California moved a step closer to legalized mercy killing on Sept. 30, when Gov. Arnold Schwarzenegger signed into law the “California Right to Know End-of-Life Act of 2008.”
The governor’s signature came in a flurry of bill signing on Tuesday evening, just hours before the statutory deadline for him to either sign or veto legislation. The governor’s press office announced he had signed the euthanasia bill at 7 p.m.
The bill, AB 2747, by longtime assisted suicide advocate Assemblywoman Patty Berg, D-Eureka, could force Catholic physicians and other doctors in California who oppose mercy killing to provide terminally ill patients with information on morally questionable “end-of-life care options.”
Schwarzenegger’s decision to sign the bill came despite heavy lobbying against it by the California Catholic Conference, the public policy arm of the state’s bishops. The Conference had asked Catholics to contact the governor and urge him to veto AB 2747 after it was passed by the legislature. Schwarzenegger describes himself as a Catholic.
An email alert sent via the Catholic Legislative Network called the bill “unnecessary, dangerous and widely opposed.” Saying the measure “opens the door for pro-assisted suicide groups in health-care,” the alert characterized AB 2747 as “dangerous and inappropriate.”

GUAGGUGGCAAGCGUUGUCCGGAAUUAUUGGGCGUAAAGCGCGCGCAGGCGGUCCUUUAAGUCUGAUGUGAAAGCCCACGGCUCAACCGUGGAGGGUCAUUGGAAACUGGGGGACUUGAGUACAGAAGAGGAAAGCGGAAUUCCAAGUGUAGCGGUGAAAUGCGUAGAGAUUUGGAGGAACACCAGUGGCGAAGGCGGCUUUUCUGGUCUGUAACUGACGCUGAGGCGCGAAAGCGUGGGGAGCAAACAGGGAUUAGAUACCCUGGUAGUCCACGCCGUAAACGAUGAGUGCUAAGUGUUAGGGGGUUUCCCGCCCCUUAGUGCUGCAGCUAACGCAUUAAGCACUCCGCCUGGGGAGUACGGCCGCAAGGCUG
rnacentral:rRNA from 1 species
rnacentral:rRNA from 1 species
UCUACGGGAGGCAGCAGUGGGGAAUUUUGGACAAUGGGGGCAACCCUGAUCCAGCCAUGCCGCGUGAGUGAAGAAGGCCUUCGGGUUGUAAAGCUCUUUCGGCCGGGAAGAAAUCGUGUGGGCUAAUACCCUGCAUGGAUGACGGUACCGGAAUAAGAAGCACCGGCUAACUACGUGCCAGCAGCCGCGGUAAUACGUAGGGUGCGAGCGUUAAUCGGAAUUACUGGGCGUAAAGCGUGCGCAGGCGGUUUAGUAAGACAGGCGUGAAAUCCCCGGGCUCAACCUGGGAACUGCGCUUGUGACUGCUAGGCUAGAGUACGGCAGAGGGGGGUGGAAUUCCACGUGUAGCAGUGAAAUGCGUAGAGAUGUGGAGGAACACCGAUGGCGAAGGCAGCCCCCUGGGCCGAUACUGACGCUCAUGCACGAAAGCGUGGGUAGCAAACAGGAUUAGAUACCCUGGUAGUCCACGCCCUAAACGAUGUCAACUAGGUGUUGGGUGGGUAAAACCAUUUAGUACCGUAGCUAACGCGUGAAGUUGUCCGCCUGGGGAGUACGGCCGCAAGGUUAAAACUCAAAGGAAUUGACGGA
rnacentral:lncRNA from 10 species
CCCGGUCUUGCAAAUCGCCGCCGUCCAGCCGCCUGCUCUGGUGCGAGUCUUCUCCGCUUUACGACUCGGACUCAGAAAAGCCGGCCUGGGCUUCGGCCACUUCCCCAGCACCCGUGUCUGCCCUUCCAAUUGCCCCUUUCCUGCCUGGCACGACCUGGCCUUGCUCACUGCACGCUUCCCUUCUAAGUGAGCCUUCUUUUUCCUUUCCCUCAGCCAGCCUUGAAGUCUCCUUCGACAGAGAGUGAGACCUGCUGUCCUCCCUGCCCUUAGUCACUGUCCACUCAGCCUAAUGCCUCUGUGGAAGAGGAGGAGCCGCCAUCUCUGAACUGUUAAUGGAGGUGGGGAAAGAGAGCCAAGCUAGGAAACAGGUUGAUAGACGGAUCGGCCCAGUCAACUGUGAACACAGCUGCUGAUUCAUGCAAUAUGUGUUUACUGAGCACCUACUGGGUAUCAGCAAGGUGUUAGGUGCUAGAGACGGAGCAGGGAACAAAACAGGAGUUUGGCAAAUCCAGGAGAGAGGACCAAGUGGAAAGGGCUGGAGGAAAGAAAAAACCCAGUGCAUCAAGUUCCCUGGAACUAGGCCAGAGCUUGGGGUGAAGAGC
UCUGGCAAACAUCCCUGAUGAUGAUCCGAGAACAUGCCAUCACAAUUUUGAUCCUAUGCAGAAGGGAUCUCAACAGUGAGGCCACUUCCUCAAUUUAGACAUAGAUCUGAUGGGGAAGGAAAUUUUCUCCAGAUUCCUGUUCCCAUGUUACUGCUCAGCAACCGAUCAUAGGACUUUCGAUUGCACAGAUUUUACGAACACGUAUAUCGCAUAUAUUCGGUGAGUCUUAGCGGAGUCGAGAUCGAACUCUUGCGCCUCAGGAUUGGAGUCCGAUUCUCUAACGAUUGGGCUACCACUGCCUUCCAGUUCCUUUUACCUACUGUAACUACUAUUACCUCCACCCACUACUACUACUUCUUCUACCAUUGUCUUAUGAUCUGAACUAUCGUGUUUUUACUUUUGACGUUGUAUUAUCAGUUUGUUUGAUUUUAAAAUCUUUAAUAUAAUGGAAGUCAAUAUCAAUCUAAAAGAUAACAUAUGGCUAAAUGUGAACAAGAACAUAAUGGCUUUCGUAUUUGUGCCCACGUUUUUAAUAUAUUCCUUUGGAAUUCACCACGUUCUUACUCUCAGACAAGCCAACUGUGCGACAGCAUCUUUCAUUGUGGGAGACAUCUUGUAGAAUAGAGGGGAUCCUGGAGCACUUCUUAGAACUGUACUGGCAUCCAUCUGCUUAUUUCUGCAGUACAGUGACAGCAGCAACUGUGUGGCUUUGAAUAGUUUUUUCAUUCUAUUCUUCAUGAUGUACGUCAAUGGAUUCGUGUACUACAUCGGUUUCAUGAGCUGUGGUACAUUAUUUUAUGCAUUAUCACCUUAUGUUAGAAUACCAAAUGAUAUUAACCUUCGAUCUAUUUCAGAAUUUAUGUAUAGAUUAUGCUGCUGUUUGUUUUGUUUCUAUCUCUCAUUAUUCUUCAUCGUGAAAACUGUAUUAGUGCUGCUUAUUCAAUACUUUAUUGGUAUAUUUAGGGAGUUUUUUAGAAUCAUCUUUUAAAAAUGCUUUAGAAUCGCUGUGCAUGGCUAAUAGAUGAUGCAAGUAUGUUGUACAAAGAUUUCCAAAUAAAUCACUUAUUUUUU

Before the bill made it to the governor’s desk, however, it had been repeatedly amended and watered down as a result of lobbying by the California Catholic Conference, the California Disability Alliance and the Foundation for Independent Living Centers, among others. Berg’s original bill would have allowed doctors to administer “palliative sedation” to deliberately induce a coma, and to starve patients to death under a provision called “voluntary stopping of eating and drinking.”
Under the bill signed by Schwarzenegger, physicians will be required to inform terminally ill patients, among other things, that they have the “right of refusal or withdrawal from life-sustaining treatment.”
The measure cleared the legislature on Aug. 28 after the Assembly voted 42-34 to agree to amendments made in the state Senate, which had approved the bill 21 to 17 on Aug. 20.
The bill’s official legislative title -- the “California Right to Know End-of-Life Act of 2008” – was described by the Aug. 21 Sacramento Bee as “right-to-die legislation.” Sen. Sam Aanestad, R-Grass Valley, told the Bee that doctors who treat cancer patients have expressed opposition to Berg’s bill because they consider it government meddling at a time when patients need compassion. "What they don't need is another governmental intrusion into the relationship between themselves and their doctor," Aanestad told the newspaper. Worse, said Aanestad, requiring physicians to provide "a laundry list developed by Sacramento politicians" years before it might be necessary could lead depressed patients to make rash decisions and hasten their deaths before all possible treatments are tried. California Catholic Daily